My question is about Bob's Red Mill potato starch. I found a Bob's blog post in which a Bob's staffer, in response to a questioner named Tim (you??? I'm guessing yes) clearly states that the potatoes are boiled in the process of making their potato starch. The staffer seems a bit out of her depth, however, and eventually refers Tim to customer service, who assures Tim that their potato starch is in fact an excellent source of RS - but Tim doesn't explain why or how that is, if the potatoes are in fact boiled. Can you shed any light on this? Is Bob's potato starch really raw, or were the potatoes boiled?

    Fortuitously, I already had some Bob's PS in my pantry, so I have dived right in. Adding 2 teaspoons PS to a smoothie was undetectable, and the water kefir + yogurt + starch blend will hopefully pack a probiotic/prebiotic punch!

    Also: what really got me on board was your recipe for chocolate chip cookie dough made with plantain flour. Any diet that promotes eating cookie dough is A-OK with me! Would potato starch work in this recipe?

    THANKS!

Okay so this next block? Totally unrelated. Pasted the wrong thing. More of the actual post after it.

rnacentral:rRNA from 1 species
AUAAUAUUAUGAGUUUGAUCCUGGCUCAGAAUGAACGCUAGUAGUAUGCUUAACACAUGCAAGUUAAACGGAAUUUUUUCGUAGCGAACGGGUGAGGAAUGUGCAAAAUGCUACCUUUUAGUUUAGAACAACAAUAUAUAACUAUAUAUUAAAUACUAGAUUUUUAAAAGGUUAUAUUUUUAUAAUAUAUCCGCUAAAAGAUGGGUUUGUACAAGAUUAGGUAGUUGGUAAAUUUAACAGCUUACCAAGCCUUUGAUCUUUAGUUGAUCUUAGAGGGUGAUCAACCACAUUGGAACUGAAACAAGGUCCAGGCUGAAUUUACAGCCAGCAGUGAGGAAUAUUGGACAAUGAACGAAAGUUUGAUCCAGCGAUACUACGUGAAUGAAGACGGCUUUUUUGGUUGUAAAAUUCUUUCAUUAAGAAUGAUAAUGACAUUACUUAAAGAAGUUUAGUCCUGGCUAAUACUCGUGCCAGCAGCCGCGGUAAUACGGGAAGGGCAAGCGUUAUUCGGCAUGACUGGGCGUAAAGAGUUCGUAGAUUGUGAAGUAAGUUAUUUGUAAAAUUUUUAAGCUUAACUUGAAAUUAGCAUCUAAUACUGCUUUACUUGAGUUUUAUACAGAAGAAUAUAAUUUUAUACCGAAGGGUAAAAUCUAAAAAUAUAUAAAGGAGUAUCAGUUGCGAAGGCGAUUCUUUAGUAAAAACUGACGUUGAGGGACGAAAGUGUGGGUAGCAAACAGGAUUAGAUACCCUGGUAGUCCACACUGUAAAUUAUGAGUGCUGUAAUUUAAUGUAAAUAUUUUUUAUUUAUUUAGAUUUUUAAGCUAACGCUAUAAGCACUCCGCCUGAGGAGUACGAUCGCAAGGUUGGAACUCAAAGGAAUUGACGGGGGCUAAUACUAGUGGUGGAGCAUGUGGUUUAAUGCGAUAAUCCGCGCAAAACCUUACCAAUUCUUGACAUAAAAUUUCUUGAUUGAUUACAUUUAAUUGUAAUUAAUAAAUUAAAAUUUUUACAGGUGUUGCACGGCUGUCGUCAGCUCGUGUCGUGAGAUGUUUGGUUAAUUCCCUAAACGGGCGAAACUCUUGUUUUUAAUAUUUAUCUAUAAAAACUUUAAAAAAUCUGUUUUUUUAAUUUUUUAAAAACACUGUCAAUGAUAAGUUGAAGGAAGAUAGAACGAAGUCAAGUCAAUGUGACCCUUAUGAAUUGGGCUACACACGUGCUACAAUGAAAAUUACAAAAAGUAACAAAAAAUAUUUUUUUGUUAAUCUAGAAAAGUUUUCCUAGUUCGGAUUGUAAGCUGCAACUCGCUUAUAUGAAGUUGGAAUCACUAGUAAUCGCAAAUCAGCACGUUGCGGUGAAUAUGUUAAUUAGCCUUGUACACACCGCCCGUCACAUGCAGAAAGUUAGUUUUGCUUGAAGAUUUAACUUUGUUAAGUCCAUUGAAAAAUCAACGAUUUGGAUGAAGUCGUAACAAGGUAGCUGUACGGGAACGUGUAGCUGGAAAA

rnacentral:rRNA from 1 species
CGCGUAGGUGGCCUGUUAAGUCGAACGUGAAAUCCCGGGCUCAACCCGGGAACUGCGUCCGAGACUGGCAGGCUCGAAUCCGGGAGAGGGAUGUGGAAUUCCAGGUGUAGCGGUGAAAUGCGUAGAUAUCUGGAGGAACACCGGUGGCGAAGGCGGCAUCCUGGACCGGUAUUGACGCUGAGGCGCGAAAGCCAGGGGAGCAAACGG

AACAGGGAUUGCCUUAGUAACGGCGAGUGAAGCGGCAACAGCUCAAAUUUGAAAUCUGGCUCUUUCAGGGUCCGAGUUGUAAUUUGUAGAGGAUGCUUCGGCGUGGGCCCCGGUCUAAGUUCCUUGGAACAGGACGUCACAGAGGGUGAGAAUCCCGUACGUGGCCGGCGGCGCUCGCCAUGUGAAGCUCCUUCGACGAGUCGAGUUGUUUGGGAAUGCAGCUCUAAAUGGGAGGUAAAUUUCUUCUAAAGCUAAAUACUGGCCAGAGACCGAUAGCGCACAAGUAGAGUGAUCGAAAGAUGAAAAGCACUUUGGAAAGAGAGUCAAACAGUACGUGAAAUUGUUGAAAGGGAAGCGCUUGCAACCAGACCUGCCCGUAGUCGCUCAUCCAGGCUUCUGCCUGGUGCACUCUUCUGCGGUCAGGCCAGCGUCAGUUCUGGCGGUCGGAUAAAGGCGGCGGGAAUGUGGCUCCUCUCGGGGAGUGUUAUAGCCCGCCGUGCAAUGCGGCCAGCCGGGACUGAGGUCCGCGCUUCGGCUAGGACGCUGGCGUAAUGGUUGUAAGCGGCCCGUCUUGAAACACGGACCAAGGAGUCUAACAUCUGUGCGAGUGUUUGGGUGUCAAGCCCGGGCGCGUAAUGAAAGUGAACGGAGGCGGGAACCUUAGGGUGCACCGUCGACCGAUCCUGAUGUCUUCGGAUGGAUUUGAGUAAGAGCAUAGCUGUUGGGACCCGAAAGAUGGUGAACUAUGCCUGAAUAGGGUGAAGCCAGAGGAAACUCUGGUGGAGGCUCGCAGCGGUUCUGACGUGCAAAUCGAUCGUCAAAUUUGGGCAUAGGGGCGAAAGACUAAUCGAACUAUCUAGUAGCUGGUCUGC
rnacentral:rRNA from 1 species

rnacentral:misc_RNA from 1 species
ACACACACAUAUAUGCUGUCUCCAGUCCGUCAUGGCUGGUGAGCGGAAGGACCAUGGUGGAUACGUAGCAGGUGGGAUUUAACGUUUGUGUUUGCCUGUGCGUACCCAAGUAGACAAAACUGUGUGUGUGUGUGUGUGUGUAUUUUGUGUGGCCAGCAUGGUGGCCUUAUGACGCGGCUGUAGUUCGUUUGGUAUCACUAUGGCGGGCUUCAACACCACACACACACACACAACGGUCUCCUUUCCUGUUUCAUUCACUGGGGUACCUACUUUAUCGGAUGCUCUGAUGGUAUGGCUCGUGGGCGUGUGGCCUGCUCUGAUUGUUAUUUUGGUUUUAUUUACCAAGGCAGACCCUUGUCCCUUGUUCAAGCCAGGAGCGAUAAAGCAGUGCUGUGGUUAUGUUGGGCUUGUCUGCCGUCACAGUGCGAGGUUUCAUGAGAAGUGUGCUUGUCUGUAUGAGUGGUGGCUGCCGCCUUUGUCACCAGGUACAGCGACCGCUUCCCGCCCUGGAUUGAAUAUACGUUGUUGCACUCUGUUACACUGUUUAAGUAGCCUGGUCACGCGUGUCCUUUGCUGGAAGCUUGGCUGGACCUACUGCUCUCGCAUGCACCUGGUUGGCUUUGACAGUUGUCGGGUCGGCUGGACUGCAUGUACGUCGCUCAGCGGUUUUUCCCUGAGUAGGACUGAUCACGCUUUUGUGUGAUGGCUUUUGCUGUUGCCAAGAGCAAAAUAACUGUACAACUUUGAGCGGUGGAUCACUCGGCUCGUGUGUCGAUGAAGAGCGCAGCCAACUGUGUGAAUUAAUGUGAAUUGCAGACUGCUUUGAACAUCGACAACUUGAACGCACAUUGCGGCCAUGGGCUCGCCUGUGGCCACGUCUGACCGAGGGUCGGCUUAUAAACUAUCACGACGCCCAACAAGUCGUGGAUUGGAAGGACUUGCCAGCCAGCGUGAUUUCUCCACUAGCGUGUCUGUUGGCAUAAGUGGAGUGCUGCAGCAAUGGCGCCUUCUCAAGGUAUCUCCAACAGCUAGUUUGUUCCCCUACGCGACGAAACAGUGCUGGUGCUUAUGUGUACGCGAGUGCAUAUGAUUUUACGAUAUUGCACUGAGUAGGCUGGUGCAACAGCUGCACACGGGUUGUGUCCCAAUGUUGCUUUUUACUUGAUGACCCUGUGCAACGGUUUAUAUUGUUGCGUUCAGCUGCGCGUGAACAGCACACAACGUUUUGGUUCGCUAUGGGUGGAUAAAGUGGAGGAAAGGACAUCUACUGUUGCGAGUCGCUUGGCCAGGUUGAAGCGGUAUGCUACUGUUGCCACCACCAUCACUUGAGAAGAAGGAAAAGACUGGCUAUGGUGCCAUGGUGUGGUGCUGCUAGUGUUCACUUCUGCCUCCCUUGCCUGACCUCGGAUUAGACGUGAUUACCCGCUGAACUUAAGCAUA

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  6. #516
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    Quote Originally Posted by Annika View Post
    Hi Tatertot! First of all, I want to say thanks for all your research, experimentation, and education on resistant starch. I have heard whisperings about it in the paleosphere for several months, but only started looking into it this week. Wow - rabbit hole indeed! There is a LOT to read.

    My question is about Bob's Red Mill potato starch. I found a Bob's blog post in which a Bob's staffer, in response to a questioner named Tim (you??? I'm guessing yes) clearly states that the potatoes are boiled in the process of making their potato starch. The staffer seems a bit out of her depth, however, and eventually refers Tim to customer service, who assures Tim that their potato starch is in fact an excellent source of RS - but Tim doesn't explain why or how that is, if the potatoes are in fact boiled. Can you shed any light on this? Is Bob's potato starch really raw, or were the potatoes boiled?